It isn’t just Barrie and Bouchard. Far from it.
Look at the Wild game.
Mikko Koskinen doesn’t seal the post, and Darnell Nurse allows Joel Eriksson Ek to hammer home a rebound. Koskinen’s early game lack of focus was on display again.
Colton Sceviour elects to vacate the slot and Kris Russell gets back in the play but doesn’t stay on Marcus Foligno. Easy wide-open net finish for him.
There are many other examples earlier this season as well, and it dates back to last year’s postseason also.
Edmonton led game three 4-1 after Jujhar Khaira scored four minutes into the third period. Edmonton was in complete control, but then Josh Archibald took a selfish clipping penalty. He got a one-game suspension for it. The Jets scored on the ensuing powerplay and then scored two goals 16 seconds apart in the final five minutes to tie the game.
Their fourth goal came after McDavid just threw the puck up the boards despite having loads of time to make a play.
Morrissey scores 16 seconds later | NHL.com
In game four Edmonton led 3-2 going into the third. They had played well.
Then Ethan Bear, a usually great outlet passer, made a horrendous pass up the middle and the Jets scored.
Scheifele’s second goal | NHL.com
In OT McDavid made a soft dump-in attempt and the Jets transitioned and scored. McDavid making bad decisions with the puck is very rare, yet it happened.
Connor’s series-winner in 3OT | NHL.com
Teams learn hard lessons in the postseason. The Oilers were crushed after that series, because for long stretches in each game the Oilers controlled the play. They outshot and out-chanced the Jets, but too often they made a soft play that led to a Jets goal. They beat themselves as much as, if not more, than the Jets beat them.
It has been the Oilers weakness for some time. I’m not sure how it gets fixed, other than a commitment to increase focus, execution and attention to detail at key times.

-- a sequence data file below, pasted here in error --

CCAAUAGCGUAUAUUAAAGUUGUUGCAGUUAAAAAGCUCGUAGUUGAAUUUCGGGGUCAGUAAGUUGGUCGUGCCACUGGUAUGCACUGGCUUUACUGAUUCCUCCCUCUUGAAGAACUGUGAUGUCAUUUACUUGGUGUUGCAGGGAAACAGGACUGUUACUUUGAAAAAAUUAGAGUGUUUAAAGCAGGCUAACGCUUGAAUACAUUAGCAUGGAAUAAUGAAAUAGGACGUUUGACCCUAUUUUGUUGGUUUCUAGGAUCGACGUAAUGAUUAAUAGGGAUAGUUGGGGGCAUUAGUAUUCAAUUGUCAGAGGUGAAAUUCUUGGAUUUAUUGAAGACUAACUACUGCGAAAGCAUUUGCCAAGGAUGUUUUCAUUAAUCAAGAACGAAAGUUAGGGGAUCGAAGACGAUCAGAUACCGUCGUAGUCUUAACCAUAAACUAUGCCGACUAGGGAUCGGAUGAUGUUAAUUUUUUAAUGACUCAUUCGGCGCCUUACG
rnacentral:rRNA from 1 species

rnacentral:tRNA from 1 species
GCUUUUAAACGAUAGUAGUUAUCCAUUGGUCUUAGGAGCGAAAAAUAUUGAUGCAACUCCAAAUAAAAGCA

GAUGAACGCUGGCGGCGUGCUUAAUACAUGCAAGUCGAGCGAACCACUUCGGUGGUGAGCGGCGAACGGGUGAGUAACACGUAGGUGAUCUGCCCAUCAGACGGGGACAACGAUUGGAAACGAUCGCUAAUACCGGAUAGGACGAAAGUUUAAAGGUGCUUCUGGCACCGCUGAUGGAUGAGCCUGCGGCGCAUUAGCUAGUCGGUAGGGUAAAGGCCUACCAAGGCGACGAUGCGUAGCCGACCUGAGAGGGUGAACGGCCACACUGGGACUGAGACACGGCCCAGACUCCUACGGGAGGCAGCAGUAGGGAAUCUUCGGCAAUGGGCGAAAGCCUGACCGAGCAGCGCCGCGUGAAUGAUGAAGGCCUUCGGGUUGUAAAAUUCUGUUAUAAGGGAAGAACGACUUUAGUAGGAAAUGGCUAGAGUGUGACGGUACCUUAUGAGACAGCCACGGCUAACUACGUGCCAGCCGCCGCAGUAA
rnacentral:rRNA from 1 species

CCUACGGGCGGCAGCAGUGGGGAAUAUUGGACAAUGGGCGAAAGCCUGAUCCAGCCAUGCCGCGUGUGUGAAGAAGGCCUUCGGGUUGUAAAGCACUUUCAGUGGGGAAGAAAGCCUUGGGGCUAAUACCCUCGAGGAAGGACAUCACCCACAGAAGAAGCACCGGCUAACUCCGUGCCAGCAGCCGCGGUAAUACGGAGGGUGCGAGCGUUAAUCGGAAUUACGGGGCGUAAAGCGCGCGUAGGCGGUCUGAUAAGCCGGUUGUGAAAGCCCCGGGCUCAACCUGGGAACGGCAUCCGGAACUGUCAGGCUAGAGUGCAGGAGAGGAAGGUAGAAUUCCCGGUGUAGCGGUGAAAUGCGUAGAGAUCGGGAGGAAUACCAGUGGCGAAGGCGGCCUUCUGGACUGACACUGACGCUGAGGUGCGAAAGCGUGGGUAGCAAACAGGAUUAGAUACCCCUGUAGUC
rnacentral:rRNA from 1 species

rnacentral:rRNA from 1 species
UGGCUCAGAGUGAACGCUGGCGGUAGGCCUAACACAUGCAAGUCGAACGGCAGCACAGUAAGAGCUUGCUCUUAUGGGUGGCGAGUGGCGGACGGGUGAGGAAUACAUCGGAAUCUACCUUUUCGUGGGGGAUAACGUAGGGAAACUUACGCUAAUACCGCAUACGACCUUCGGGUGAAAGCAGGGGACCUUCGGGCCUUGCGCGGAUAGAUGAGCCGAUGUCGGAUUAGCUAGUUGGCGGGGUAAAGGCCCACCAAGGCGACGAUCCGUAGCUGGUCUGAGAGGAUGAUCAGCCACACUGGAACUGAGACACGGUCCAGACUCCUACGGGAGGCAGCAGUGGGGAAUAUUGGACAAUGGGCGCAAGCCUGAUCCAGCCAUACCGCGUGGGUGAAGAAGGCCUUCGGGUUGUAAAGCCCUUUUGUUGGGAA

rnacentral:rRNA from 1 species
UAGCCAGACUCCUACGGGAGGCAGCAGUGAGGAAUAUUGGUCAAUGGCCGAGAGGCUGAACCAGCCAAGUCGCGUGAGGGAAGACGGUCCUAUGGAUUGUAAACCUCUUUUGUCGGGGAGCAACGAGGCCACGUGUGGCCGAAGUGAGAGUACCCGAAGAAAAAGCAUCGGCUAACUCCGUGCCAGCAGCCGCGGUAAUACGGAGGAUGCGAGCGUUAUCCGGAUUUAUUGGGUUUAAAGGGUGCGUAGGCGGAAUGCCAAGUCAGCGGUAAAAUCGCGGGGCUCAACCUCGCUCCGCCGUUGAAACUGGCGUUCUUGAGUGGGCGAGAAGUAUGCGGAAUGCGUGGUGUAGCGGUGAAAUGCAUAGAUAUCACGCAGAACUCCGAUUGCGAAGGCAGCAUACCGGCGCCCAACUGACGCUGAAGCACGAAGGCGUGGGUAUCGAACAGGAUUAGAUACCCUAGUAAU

I’m not sure it is a system issue. If it was the Oilers wouldn’t have outshot and out-chanced the Jets those games. Or done the same against Minnesota and Boston this week. But that doesn’t excuse the coaching staff. They have to find a way to ensure this team stops self-destructing.
If it was only one or two players the solution would be easy. Move them out. But it is different players at different times in different games.
The coaches and the players need to recognize this and change it. Words are great, but actions are what impact the outcome of games.
Mistakes will always happen. They are part of the game. However, the Oilers’ glaring errors continue to cost them games. It has been a trend this entire calendar year and as we move to 2022 it needs to change if they hope to have more success.
Until they reduce the soft plays with the puck or against the opposition, they will struggle to be taken seriously.
The coaches and players need to have some tough-love conversations within the dressing room.
Their standard of what is acceptable at key moments in the game needs to improve.


Thank you to Patrick and his amazing bid of $10,000 on the Astoria Lightning package. Awesome.
Day Eight: Pyramid of Giving
We will build a pyramid of giving to help the Holiday Hamper. It is a simple donation.
We will have 15 people donate $100.
Eight people will donate $200.
Four people will donate $500
And two people, or companies, will donate $1000.
And we will raise $7,100 for the Christmas Bureau. (Tax receipt included).

It goes from 2-6 p.m on TSN 1260. You can text the show between 2-6 p.m. at 101260 and include your name and donation
. Thanks in advance.

Recently by Jason Gregor: 

Check out these posts...